But no evidence has emerged so far that this Southwest pilot was anything more than a "player" in his personal life who had the misfortune to accidentally depress the transmit key on his microphone and share that fact with the world. 

Last night, I was invited to a wonderful dinner with three students at CTC Wings, an airline pilot training center in Hamilton, New Zealand. It's so rewarding talk to young people happily anticipating a future doing what they love. 

Perhaps it was the wine, but feeling somewhat philosophical I waxed on about something that - in the light of the Southwest story - seems almost prescient. 

"When you put on your smart, dark uniform and head to the front of the airplane, you have two very important tasks," I told them. "The first is to get your passengers safely from A to B. The second is to represent your airline in such a way that travelers feel comfortable putting their lives in your hands." You can do the first and fail at the second, but not for long. 

That's a lesson for young aspiring pilots and its a lesson for Capt. Bigmouth too.

Wednesday, June 22, 2011

Who Do You Trust?

There's a world of difference between how much trust the citizens of various nations have in their government. This is particularly obvious here in New Zealand where, while listening to a radio news show recently, I marveled as caller after caller expressed confidence in their government's ability to properly handle the crisis in earthquake-riddled Christchurch. 

To an American it sounds downright quaint, but on second thought, I'm envious. 

Wednesday, June 15, 2011

The View From 100K

Thanks to a certain Aussie pilot and 100K others!
Its lovely, really it is, this view from one-hundred thousand. Not 100,000 feet silly, one-hundred thousand readers.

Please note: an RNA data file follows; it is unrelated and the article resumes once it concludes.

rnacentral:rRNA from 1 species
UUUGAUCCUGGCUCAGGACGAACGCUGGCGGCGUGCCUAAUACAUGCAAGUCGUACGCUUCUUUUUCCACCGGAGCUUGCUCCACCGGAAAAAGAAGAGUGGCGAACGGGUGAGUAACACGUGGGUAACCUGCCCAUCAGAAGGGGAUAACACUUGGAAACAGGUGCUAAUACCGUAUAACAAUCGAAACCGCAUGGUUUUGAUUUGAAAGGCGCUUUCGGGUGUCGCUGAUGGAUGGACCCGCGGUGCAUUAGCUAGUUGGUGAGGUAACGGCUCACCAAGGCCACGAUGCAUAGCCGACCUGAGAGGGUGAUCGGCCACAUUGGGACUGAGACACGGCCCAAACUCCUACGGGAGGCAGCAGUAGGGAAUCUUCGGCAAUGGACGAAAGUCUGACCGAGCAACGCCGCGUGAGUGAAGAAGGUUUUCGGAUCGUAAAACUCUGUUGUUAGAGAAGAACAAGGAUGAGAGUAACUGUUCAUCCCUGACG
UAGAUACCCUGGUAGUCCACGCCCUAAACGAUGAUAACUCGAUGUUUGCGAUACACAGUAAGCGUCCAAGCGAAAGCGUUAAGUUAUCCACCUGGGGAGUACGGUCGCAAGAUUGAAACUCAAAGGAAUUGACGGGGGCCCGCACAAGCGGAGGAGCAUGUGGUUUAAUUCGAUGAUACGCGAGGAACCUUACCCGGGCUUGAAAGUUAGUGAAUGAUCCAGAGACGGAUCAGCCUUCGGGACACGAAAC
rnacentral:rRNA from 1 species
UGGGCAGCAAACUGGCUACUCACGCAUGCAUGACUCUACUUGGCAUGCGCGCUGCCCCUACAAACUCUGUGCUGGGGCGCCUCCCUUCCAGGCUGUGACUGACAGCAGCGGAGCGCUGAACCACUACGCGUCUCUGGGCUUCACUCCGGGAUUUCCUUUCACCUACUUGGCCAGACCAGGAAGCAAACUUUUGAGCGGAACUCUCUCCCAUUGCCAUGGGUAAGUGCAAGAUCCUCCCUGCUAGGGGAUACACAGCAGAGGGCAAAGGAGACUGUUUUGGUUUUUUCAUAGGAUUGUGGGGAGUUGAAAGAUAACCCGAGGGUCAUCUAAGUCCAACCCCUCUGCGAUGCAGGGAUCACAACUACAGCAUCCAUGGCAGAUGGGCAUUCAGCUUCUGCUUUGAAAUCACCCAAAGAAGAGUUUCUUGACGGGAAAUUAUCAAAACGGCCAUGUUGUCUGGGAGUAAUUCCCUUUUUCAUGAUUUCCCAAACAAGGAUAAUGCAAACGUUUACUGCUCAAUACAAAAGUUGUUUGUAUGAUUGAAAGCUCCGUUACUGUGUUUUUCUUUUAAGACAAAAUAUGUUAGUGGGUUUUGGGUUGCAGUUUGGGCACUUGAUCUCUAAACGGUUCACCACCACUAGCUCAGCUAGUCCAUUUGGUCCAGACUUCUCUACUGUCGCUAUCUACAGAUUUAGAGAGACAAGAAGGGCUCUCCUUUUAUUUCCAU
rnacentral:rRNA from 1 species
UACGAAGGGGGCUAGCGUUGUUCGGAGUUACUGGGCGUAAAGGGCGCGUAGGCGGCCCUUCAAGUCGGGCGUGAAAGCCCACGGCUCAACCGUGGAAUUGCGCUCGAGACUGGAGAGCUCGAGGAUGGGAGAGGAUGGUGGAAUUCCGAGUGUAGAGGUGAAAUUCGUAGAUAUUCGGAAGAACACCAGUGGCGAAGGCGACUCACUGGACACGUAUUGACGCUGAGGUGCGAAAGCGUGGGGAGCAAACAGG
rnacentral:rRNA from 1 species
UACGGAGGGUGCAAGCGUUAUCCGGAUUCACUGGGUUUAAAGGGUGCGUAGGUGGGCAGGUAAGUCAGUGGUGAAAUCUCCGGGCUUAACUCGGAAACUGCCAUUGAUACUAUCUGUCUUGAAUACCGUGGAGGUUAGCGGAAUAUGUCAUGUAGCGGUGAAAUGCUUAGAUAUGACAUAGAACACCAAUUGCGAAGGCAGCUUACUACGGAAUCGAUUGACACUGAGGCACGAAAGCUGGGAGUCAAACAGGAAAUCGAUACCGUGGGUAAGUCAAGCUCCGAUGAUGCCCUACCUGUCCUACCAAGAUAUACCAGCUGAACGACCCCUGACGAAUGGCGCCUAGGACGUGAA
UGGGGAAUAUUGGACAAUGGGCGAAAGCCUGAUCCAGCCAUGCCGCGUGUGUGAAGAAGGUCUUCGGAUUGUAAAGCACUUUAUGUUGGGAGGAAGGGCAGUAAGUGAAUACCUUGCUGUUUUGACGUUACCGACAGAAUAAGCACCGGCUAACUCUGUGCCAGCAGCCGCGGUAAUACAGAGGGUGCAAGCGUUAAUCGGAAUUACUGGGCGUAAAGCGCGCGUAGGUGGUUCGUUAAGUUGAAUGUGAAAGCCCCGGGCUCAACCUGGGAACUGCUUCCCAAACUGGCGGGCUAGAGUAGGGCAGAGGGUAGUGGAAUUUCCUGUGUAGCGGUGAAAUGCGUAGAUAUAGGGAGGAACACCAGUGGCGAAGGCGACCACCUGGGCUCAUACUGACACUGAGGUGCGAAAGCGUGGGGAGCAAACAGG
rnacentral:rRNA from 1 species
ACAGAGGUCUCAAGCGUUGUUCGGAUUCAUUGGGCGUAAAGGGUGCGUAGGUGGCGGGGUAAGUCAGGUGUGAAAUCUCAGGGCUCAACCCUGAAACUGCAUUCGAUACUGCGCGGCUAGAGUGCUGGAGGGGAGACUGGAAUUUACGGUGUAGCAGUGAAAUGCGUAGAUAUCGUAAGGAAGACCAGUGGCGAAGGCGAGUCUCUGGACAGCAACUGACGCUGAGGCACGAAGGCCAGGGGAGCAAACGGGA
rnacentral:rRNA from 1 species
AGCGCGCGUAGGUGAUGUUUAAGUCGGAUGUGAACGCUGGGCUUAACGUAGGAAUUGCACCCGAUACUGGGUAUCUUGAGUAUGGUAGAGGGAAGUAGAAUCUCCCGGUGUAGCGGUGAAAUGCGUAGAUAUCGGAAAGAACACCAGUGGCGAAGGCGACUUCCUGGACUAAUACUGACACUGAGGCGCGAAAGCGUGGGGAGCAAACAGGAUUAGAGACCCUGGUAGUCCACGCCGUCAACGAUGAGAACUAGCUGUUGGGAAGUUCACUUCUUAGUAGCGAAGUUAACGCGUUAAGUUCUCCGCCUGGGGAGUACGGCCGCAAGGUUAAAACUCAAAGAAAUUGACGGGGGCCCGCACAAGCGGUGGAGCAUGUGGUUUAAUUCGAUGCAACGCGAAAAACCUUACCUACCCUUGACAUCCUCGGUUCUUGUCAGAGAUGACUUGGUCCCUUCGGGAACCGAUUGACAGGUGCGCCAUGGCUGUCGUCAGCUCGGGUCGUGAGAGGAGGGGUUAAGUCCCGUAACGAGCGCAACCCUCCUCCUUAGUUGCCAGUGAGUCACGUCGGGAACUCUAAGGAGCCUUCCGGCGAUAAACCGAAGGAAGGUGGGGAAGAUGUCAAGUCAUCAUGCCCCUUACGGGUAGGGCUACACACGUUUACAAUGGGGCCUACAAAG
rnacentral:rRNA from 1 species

Thanks to you, and you and you, and so many others, FLYING LESSONS crossed this exciting threshold sometime during (my) Wednesday night in New Zealand.

Numbers being an arbitrary but nonetheless widely accepted gauge of progress, I am taking this opportunity to say THANK YOU! and provide a de-brief of some of FLYING LESSONS past destinations. I've sure had fun writing about them and I hope you've enjoyed reading about:

Tuesday, June 14, 2011

The Crash Heard 'Round the World

Writing from New Zealand.

Yesterday was a clear and crisp autumn day as magnificent as any I have lived through back home in famous-for-fall New England. Jane Orphan and I were soaking it up in the light-soaked dining room at Wither Hills Winery in Marlborough, New Zealand where the food was as excellent as the view of acres of vineyards. Still, the news of a B-17 crash in an Illinois cornfield dampened Jane's mood.

Many people are saddened by the loss of this historic aircraft, but Jane, and coterie of hard-core historic aviation aficionados have spent the last decade on a crusade to make this little valley in the far north of New Zealand's south island, a center for the restoration, demonstration and display of old warbirds. In this world, any loss is lamentable  - even the not-so-rare (relatively speaking) World War 2 B-17 Flying Fortress, of which this particular one was still toting the public on ride-of-a-lifetime-flights at airshows until the crash.